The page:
Postpartum Depression and Colic – Risk Factors, Warning Signs, and Prevention Plan
I’m a survivor of two life-threatening postpartum depressions. At the time of my illnesses, there was no help for me. The great news is that, if you’re suffering from postpartum depression or know someone who is, there are excellent resources now. For the last 27 years my mission has been to educate medical and mental health professionals, and work directly with women and their families around the world to make sure they don’t suffer the way my family and I did. I’ve worked with over 21,000 women, and I’ve never met one who did not fully recover when given proper help.
Women are most vulnerable to mood and anxiety disorders during pregnancy and the postpartum period. If depression or anxiety is going to surface, it typically happens at this time. Postpartum depression (PPD) is one of six postpartum mood and anxiety disorders and is the most common, affecting about 15 percent of mothers around the world. The primary cause of PPD is thought to be the huge hormonal shifts after the baby is delivered which affect the neurotransmitters (brain chemicals). However, there are also powerful psychosocial factors such as moving, health issues, poor partner support, sleep deprivation, financial hardship, social isolation and a high needs baby that can negatively affect the woman’s emotional state.
This last important factor — having a high needs baby, such as one with colic — is often unfortunately minimized due to ignorance. Despite solid research linking colic in the baby with the mom’s depression, those who do not understand the extreme physical and emotional stress of colic sometimes wrongly assume that this is a lesser factor than the others. In fact, nothing could be further from the truth. I know this not only from the thousands of depressed mothers with colicky babies with whom I’ve worked, but from my own experience as well. What happened in my home after the birth of our first baby was nightmarish, and colic was definitely a part of that picture.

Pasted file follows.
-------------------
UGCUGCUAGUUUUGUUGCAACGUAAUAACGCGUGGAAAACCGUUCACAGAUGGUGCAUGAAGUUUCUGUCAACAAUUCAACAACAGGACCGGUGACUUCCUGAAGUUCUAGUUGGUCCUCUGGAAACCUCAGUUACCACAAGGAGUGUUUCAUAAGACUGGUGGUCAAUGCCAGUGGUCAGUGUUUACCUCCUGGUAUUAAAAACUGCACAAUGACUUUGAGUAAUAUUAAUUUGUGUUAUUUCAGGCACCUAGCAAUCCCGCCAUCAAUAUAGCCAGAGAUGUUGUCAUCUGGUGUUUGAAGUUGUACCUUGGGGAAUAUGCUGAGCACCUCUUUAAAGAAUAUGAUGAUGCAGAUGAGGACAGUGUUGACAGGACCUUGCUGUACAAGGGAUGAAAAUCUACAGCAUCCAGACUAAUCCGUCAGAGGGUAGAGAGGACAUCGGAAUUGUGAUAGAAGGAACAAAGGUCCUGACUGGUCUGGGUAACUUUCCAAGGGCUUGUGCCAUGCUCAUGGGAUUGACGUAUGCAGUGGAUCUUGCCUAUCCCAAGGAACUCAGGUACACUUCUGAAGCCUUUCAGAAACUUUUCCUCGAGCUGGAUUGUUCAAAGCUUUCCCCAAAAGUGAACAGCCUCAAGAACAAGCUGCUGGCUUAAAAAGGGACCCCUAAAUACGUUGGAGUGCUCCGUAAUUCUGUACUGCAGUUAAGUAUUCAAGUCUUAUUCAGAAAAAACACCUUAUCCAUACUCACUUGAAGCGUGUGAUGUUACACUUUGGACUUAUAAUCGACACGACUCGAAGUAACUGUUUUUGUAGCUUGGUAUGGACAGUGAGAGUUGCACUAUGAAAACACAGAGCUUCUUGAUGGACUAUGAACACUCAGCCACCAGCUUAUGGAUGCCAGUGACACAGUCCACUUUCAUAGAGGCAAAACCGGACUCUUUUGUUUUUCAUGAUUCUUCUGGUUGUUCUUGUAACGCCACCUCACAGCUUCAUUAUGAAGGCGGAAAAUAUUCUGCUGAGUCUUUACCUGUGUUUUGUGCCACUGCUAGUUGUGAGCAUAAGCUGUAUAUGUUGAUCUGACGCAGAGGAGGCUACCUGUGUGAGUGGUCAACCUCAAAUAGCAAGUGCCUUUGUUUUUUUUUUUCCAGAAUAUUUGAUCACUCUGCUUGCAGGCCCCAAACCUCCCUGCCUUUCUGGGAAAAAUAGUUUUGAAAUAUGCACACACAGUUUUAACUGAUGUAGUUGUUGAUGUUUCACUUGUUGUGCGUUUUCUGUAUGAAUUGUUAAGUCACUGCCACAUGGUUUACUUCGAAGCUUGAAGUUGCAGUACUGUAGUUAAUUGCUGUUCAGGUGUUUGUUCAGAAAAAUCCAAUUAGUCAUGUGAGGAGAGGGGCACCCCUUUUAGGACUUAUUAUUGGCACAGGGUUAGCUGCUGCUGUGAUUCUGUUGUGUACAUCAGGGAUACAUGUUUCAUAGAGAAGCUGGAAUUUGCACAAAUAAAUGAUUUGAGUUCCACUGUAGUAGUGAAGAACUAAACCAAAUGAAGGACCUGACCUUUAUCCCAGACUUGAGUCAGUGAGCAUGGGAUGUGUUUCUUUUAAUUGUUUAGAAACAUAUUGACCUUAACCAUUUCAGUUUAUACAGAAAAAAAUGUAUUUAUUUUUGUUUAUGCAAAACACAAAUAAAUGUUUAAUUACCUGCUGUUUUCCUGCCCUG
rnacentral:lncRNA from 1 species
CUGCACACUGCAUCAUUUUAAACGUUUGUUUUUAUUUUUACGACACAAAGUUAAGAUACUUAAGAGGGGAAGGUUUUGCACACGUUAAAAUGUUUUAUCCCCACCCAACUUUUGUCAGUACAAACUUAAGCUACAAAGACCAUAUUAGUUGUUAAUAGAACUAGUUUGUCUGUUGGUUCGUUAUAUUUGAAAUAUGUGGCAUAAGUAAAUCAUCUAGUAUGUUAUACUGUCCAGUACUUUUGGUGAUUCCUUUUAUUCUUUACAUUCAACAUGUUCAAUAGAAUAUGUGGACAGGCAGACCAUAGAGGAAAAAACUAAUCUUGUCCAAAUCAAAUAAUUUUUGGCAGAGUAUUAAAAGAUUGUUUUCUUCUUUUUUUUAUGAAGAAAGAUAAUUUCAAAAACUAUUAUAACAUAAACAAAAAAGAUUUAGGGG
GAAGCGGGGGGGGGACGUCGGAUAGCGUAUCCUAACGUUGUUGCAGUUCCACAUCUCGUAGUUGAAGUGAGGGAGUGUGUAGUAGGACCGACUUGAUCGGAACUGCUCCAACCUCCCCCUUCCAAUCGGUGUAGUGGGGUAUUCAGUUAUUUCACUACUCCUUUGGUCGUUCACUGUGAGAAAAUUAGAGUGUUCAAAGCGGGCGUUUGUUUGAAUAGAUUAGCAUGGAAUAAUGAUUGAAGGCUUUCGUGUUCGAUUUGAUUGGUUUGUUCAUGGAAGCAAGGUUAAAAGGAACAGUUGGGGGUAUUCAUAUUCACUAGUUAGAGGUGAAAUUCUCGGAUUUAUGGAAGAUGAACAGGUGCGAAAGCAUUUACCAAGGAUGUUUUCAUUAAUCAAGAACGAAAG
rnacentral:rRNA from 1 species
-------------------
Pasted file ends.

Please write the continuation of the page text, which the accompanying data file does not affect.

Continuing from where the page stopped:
Jenn, one of my clients recovering from PPD, described her experience with a colicky baby.
When Justin was a few weeks old, he started screaming every single day and it would last for hours. And I don’t mean crying — I mean screaming. His screams went right up my spine. My husband and I were frantic and totally stressed out. Just knowing it was going to happen every day made me so anxious! My nerves were fried after a few weeks. No baby book or class prepared me for his stiff, arched body and bright red face! I felt like a horrible mother. I knew I loved him, but there were times when I didn’t like him and I was sorry he was born. I felt so guilty and resented him for it. I mean, a good mom is supposed to be able to make her baby stop crying, right?”
In the next segment of this article, we’ll delve into colic and its interesting interaction with postpartum depression and anxiety. We’ll discuss how to cope psychologically as well as physically, so the turmoil can end.
PPD should not be confused with the normal Baby Blues.
Fifty to 80% of new moms experience being teary and stressed beginning the first week. But Baby Blues are mild and they should also be gone by two – or at the most, three – weeks following delivery. If the symptoms are severe enough to disrupt a mom’s daily life, or if mild symptoms continue past two to three weeks after the birth, it is considered to be PPD and she needs extra help.
Postpartum Depression Often:
- Worsens if the mother doesn’t receive help. If untreated, the symptoms can be much harder to get rid of. Research shows that 25% of mothers untreated for PPD remain depressed after one year. All the relationships within the family are also being affected.
- Develops gradually, although it can occur immediately after delivery.
- Peaks around 3 months, but can start any time during the first year.
PPD can arise for the first time after any birth, not just after the first. Once a woman has had one occurrence, she is high risk for another after a subsequent birth unless she has a solid wellness strategy in place. Common symptoms are excessive worry, anger, feelings of guilt, sadness, hopelessness, sleep problems, uneasiness around the baby, poor concentration, loss of pleasure, decreased sex drive, and changes in appetite. Although there are high risk factors, no one is immune.
- Fifty to 80 % chance of PPD if there was a previous PPD
- Depression or anxiety during pregnancy
- Health problems with the mother or baby, including colic
- Personal or family history of depression or anxiety